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Tuesday, September 8, 2009

Need to get away, being BROKE preventing your trip?

If planning a getaway two people for two days, it may seem impossible to do for less than $300 dollars.It's not impossible and  If you want to go somewhere we haven't been yet, these tips will help keep your budget under control

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One of the best ways to enjoy a getaway for less is to go off-season. We aren't suggesting that you visit Palm Springs in July when temperatures soar over 100 degrees in the shade, but if you time your travel, you can save a bundle. Rates might plummet at your dream destination when the calendar turns a page from April to May, but in reality, the weather won't be much different on April 29 than on May 2. Because lodging is the biggest part of most budgets, check hotel websites to find out what the "season" is in the area you want to visit and time your trip to arrive just before it starts or just after it ends.


  • Stay one night: Instead of leaving on Friday night, avoid end-of-week rush hour traffic, get up early the next day and save one night's lodging costs. This may be harder to do in popular areas, where many properties require a two-night minimum stay, but even those places occasionally come up with just one night open, so it's worth a try. If your travel days are flexible, you can also try staying on a Sunday night.
  • Try a no-frills camping cabin: Many campground chains are building small, no-frills cabins these days, such as KOA's Kamping Kabins and Kottages. All you have to bring is your bedding. A one-room Kabin in San Diego will run almost half the cost of a hotel room.
  • Try a tent: Don't dismiss this idea, even if pitching a tent and sleeping on the ground isn't your idea of fun. Many locations offer upscale camping experiences, such as Evergreen Lodge just outside of Yosemite, where all you have to do is show up.
  • Buy smart: You don't have to stay in a shabby hotel to save money, but you do have to know how to find a bargain. Use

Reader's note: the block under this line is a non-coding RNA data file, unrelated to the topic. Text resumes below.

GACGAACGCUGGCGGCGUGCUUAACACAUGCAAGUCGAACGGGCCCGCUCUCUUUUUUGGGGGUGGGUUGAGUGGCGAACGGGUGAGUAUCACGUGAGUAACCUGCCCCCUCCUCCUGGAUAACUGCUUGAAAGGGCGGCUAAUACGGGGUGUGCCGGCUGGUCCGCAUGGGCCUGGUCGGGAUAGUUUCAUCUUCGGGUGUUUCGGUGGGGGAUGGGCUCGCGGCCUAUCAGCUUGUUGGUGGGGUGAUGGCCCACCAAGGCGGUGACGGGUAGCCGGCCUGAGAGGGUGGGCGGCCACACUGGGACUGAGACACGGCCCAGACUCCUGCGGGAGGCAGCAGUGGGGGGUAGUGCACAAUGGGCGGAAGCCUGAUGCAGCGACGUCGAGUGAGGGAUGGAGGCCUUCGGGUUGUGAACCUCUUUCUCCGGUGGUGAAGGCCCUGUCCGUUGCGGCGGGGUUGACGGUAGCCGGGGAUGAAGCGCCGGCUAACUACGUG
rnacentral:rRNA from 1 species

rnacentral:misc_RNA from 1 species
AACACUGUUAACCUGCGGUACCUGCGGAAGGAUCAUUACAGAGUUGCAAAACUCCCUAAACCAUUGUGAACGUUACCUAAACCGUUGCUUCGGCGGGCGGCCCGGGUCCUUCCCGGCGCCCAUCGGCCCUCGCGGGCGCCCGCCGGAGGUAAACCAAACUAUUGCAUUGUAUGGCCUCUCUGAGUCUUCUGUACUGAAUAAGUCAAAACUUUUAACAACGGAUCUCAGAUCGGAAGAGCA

for finding a good place to stay for a good price, and you'll sleep in nice place for the same price as you would have paid for the "roach motel" down the road.
  • Stay in a business area: This works especially well in cities. For example, the Hilton Garden Inn in El Segundo, just south of LAX is a mile from the beach and right beside a Metro train station. It fills with businessmen during the week and lowers rates by 40% or more on can find these at


  • Avoid "tourist" areas: Restaurants in areas where many tourists go tend to be expensive and their service may be poor to boot. Instead, go where the locals go. Ask shopkeepers, policemen and anyone else you meet where they like to eat. Alternatively, look for the place with the most cars parked around it.
  • Share a meal: If you're away from home, leftovers may go to waste because you can't refrigerate them. Split a meal if portions are large or you aren't very hungry.
  • Big breakfast: This tip will not only help you save money, but it will give you more time for sightseeing, too. Have a big breakfast, skip lunch and have an early dinner.
  • Picnic: Especially if you're in a pretty place, pick up picnic foods from a local grocery store or deli and head for a park or vista point.
  • Farmers Markets: Many California cities and towns have regular farmers markets. They're a great place to pick up a light lunch, get goodies for your picnic or fruit to eat in your room for breakfast.
  • Go for lunch: If you want to enjoy a meal at a more expensive restaurant, go at lunchtime when prices are often lower.
  • Look for specials: In San Francisco, many of the city's nicest restaurants participate in the annual Dine About Town promotion, offering fixed-price meals at much lower prices than you'd get off their menus.
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  • Day Trips

    If your free time is too limited for weekend getaways, try a day trip instead. Day trips are less than 2 hours away, places you can go to and get back from in one day, but many of them are also fun California weekend getaways.
  • Day Trips Out of Town
  • Drive South on the Coast Highway: Follow the directions going south for a drive down Highway One from San Francisco to Monterey and Carmel (or further).
  • 17-Mile Drive: If you want to visit Pebble Beach or have lunch at Roy's in Spanish Bay, it's worth the admission. Or try our admission-free alternative if you're just looking for pretty views.
  • Big Sur: California Hwy 1 from Carmel south is one of the state's most beautiful drives. Add a stop to tour the Point Sur Light Station and it makes a nice day out.
  • San Francisco to Santa Cruz on Hwy 1: This often-overlooked section of Hwy 1 is just as pretty as Big Sur, less crowded and a lot closer to the city.
  • Sir Francis Drake Blvd: Follow US 101 north out of San Francisco, then go west in San Rafael toward Olema and the drive is almost as pretty as your destination on the coast. Return via Hwy 1.
  • Valley of the Oaks: Head south to King City on US 101 then go west into one of the least-changed landscapes in central California. 

1 comment:

  1. Great tips. Being recently laid off I have found camping and traveling to South America is pretty cheap since it is the beginning of the off season.